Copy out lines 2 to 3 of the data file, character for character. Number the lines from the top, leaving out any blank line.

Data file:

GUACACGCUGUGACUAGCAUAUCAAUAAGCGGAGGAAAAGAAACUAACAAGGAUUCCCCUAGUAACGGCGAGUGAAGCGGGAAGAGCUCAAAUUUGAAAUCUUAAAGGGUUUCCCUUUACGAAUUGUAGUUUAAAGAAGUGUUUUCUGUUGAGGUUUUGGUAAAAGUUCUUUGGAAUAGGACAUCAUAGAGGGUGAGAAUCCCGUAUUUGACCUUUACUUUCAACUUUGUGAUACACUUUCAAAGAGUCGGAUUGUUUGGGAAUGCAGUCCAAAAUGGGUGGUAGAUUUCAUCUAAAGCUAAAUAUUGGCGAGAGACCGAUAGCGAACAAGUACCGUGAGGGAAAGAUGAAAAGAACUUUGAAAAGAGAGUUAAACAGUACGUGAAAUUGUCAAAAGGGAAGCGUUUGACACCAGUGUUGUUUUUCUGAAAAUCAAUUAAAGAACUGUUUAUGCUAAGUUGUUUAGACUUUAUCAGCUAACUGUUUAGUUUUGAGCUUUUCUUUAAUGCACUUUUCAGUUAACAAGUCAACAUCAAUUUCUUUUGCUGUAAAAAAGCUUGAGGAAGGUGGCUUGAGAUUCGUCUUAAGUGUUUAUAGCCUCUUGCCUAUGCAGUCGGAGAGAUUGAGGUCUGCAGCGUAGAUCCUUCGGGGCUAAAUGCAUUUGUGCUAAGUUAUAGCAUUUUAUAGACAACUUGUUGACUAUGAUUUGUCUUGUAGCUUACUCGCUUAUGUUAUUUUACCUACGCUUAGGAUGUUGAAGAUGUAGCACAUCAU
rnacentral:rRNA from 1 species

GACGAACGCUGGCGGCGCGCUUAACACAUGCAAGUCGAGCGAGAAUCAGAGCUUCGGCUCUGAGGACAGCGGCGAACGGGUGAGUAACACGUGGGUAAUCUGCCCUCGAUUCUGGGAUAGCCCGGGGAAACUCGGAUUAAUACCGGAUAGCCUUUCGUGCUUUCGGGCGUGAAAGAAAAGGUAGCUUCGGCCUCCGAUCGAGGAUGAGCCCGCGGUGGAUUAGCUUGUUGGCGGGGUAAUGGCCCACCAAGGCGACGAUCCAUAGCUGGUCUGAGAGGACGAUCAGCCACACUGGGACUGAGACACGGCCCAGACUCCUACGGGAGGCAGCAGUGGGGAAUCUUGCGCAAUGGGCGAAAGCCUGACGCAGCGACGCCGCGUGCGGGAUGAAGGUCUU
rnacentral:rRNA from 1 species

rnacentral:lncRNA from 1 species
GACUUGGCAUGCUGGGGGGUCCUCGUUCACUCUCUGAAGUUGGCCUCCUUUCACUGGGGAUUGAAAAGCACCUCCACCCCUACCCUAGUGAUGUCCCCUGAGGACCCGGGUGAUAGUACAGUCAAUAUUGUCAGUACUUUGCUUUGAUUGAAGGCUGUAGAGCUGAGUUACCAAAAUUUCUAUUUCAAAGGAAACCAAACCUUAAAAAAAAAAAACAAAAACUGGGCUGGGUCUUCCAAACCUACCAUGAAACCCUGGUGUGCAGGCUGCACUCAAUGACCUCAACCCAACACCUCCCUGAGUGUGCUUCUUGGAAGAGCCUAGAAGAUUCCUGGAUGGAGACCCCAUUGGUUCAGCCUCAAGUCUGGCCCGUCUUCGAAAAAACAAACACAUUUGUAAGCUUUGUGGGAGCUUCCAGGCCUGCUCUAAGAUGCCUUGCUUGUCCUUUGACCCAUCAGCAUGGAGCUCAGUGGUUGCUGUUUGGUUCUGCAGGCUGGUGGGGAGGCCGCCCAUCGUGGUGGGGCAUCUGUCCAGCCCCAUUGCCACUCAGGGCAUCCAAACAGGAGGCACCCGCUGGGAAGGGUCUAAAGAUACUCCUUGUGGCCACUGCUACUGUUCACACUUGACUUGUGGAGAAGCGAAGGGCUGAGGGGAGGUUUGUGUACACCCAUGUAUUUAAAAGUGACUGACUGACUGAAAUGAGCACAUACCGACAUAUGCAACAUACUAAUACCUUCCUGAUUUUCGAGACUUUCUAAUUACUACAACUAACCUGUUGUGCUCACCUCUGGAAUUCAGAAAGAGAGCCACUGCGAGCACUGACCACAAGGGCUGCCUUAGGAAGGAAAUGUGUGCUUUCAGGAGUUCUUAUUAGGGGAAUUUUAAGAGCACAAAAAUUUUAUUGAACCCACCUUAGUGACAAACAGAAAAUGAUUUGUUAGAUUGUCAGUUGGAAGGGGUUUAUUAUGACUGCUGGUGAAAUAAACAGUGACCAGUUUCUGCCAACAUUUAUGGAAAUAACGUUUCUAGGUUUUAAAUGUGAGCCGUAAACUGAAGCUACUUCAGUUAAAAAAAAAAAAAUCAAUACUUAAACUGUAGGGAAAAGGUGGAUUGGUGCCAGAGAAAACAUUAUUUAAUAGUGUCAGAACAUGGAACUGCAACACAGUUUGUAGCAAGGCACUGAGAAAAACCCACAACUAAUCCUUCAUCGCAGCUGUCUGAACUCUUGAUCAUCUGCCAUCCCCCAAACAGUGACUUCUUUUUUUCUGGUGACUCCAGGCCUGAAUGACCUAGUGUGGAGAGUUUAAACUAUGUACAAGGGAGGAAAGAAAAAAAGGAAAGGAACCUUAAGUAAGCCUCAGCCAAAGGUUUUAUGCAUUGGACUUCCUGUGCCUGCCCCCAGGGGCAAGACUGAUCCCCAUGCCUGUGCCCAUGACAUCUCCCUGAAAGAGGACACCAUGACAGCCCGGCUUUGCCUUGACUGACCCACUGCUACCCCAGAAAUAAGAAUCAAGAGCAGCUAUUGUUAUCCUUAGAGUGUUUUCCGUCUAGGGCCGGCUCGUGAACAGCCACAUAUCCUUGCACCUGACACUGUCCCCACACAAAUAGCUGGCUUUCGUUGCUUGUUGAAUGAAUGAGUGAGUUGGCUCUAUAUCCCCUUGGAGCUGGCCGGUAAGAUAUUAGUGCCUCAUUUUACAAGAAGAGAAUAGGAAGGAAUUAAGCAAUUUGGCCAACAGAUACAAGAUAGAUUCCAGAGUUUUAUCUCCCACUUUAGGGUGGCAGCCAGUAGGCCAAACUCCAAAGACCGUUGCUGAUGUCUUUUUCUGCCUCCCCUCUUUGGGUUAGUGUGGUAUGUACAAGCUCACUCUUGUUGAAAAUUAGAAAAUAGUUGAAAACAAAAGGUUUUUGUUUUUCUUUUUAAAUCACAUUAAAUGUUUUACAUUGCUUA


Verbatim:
rnacentral:rRNA from 1 species

GACGAACGCUGGCGGCGCGCUUAACACAUGCAAGUCGAGCGAGAAUCAGAGCUUCGGCUCUGAGGACAGCGGCGAACGGGUGAGUAACACGUGGGUAAUCUGCCCUCGAUUCUGGGAUAGCCCGGGGAAACUCGGAUUAAUACCGGAUAGCCUUUCGUGCUUUCGGGCGUGAAAGAAAAGGUAGCUUCGGCCUCCGAUCGAGGAUGAGCCCGCGGUGGAUUAGCUUGUUGGCGGGGUAAUGGCCCACCAAGGCGACGAUCCAUAGCUGGUCUGAGAGGACGAUCAGCCACACUGGGACUGAGACACGGCCCAGACUCCUACGGGAGGCAGCAGUGGGGAAUCUUGCGCAAUGGGCGAAAGCCUGACGCAGCGACGCCGCGUGCGGGAUGAAGGUCUU